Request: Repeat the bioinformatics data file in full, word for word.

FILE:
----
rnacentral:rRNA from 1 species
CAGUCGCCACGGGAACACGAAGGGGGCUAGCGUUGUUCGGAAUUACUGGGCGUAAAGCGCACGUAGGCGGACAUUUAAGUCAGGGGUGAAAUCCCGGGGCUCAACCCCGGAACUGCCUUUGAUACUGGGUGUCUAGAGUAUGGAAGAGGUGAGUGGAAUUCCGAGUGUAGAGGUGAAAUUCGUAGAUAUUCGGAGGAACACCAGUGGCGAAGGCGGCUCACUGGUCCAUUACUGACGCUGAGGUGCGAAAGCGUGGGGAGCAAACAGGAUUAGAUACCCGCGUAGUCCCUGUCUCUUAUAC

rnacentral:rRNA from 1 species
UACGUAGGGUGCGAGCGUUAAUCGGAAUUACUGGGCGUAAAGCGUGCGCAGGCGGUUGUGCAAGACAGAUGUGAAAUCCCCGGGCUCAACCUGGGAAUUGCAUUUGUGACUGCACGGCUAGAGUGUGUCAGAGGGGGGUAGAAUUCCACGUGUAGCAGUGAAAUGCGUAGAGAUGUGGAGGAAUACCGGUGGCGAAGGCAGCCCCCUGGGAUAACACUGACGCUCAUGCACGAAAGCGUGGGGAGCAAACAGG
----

rnacentral:rRNA from 1 species
CAGUCGCCACGGGAACACGAAGGGGGCUAGCGUUGUUCGGAAUUACUGGGCGUAAAGCGCACGUAGGCGGACAUUUAAGUCAGGGGUGAAAUCCCGGGGCUCAACCCCGGAACUGCCUUUGAUACUGGGUGUCUAGAGUAUGGAAGAGGUGAGUGGAAUUCCGAGUGUAGAGGUGAAAUUCGUAGAUAUUCGGAGGAACACCAGUGGCGAAGGCGGCUCACUGGUCCAUUACUGACGCUGAGGUGCGAAAGCGUGGGGAGCAAACAGGAUUAGAUACCCGCGUAGUCCCUGUCUCUUAUAC

rnacentral:rRNA from 1 species
UACGUAGGGUGCGAGCGUUAAUCGGAAUUACUGGGCGUAAAGCGUGCGCAGGCGGUUGUGCAAGACAGAUGUGAAAUCCCCGGGCUCAACCUGGGAAUUGCAUUUGUGACUGCACGGCUAGAGUGUGUCAGAGGGGGGUAGAAUUCCACGUGUAGCAGUGAAAUGCGUAGAGAUGUGGAGGAAUACCGGUGGCGAAGGCAGCCCCCUGGGAUAACACUGACGCUCAUGCACGAAAGCGUGGGGAGCAAACAGG